Additionally, individuals with health insurance were more likely to have worse HRQoL in the pain/discomfort domain. As this result was not expected, further bivariate analyses were conducted to explore the potential causal mechanisms (Appendix Table 4). We found that although participants with and without health insurance did not differ significantly with regard to how much their medical problems bothered them, those with health insurance experienced 4.5 more days of medical problems out of the past 30, on average (p < 0.001); however, those with health insurance were less likely to have been prescribed medication on a regular basis (p = 0.01), visited a medical office recently (p < 0.001), or been admitted to the hospital recently (p < 0.001). The results of the initial analysis could potentially be explained by the concept of adverse selection in health economics, in which individuals who are sicker or pose higher risk to the insurer are more likely to have health insurance, whereas healthier individuals may not have health insurance because they don’t necessarily feel like they need it [71]. This may be particularly true of individuals leaving incarceration who have the opportunity to immediately (re)enroll in Medicaid, regardless of pre-existing conditions [72].

Although not significantly associated with any of the individual HRQoL domains, family/social relationship issues were associated with slightly higher utility. This finding is in contrast to previous studies examining family/social relationships and HRQoL, which indicated that as family/social relationships improve, HRQoL improves as well, including among individuals undergoing treatment for OUD/SUD [59, 73].

The primary strengths of this study were the longitudinal and detailed nature of the data, which allowed us to analyze determinants of HRQoL at different time points surrounding an individual’s release from incarceration. Limitations of this study included the small sample size (n = 86), and the extent of missing data for the 12-week follow-up period. As discussed in the methods section and supplementary appendix, MICE was used to minimize potential bias arising from the missing data, and sensitivity analyses were conducted to evaluate alternative imputation methods. Furthermore, the racial/ethnic make-up of the study population was 62% Non-Hispanic White/Caucasian, 20% Non-Hispanic Black/African American, and 16% Hispanic-Puerto Rican, whereas according to the August 2022 Philadelphia Prison Population Report, the racial/ethnic make-up was 72.4% Black, 17% Latinx, and 9.3% White. This discrepancy likely limits the generalizability of our findings both within and outside of the Philadelphia Department of Prisons; however, there is little-to-no information regarding the racial/ethnic makeup of the incarcerated population with OUD.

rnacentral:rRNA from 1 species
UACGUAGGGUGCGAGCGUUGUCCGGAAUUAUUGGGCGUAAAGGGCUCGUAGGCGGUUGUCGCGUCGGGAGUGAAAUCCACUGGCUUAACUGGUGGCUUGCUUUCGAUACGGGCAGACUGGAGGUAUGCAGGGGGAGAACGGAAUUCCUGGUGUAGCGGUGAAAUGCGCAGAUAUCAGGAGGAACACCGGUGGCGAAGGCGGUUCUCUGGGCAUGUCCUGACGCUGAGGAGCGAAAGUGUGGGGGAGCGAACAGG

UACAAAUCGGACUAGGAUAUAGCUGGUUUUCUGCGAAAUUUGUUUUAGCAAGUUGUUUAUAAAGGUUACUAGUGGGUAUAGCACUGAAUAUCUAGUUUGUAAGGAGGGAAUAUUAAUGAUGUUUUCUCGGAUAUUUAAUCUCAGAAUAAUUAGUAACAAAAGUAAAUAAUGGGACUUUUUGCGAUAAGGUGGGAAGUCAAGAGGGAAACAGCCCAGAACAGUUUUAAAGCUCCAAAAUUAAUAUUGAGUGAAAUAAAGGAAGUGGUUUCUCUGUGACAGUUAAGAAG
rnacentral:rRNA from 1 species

Our findings highlight the importance of ensuring individuals with OUD are linked not only to MOUD, but also treatment for their comorbid conditions, particularly mental health disorders, upon release from incarceration. A holistic treatment approach for these individuals may be especially beneficial, given the estimated additive, independent effects of medical and psychiatric conditions on overall utility, as well as the potential benefits associated with care coordination [72]. To our knowledge, this study is the first of its kind to conduct an in-depth HRQoL analysis, exploring individual HRQoL domains over the period immediately surrounding release from incarceration among persons with OUD, while controlling for post-release treatment success, as well as other important factors associated with recovery from addiction and reentry into the community, such as employment, family/social relationships, legal issues, psychiatric and medical issues, and alcohol/drug use.

Availability of data and materials

Statistical code: Available from Ms. Cadet (e-mail, Data set: Available in accordance with NIDA National Drug Abuse Treatment Clinical Trials Network policy (


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Grants R01DA046721, and P30DA040500 from the National Institute on Drug Abuse (NIDA) of the National Institutes of Health (NIH).

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TC and SMM conceived of the study. TC had access to the study data, and conducted the statistical analysis. TC, SMM, AJ, and PJJ interpreted the results. TC wrote the manuscript first draft. All authors contributed to and approved the final manuscript. All authors read and approved the final manuscript.

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Correspondence to Techna Cadet.

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No competing interests to declare. Clinical trial registration: NCT02617628.

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Additional file 1:

Supplemental Statistical Appendix.



See Tables 3, 4, 5, 6

Table 3 Sensitivity Analyses
Table 4 Bivariate Analyses of Health Insurance Status
Table 5 Number of Missing Values in Imputed Variables
Table 6 Analysis of Variance (ANOVA) for ASI Predictors

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Cadet, T., Jalali, A., Jeng, P.J. et al. Determinants of health-related quality of life among individuals with opioid use disorder, recently released from incarceration. Addict Sci Clin Pract 18, 34 (2023).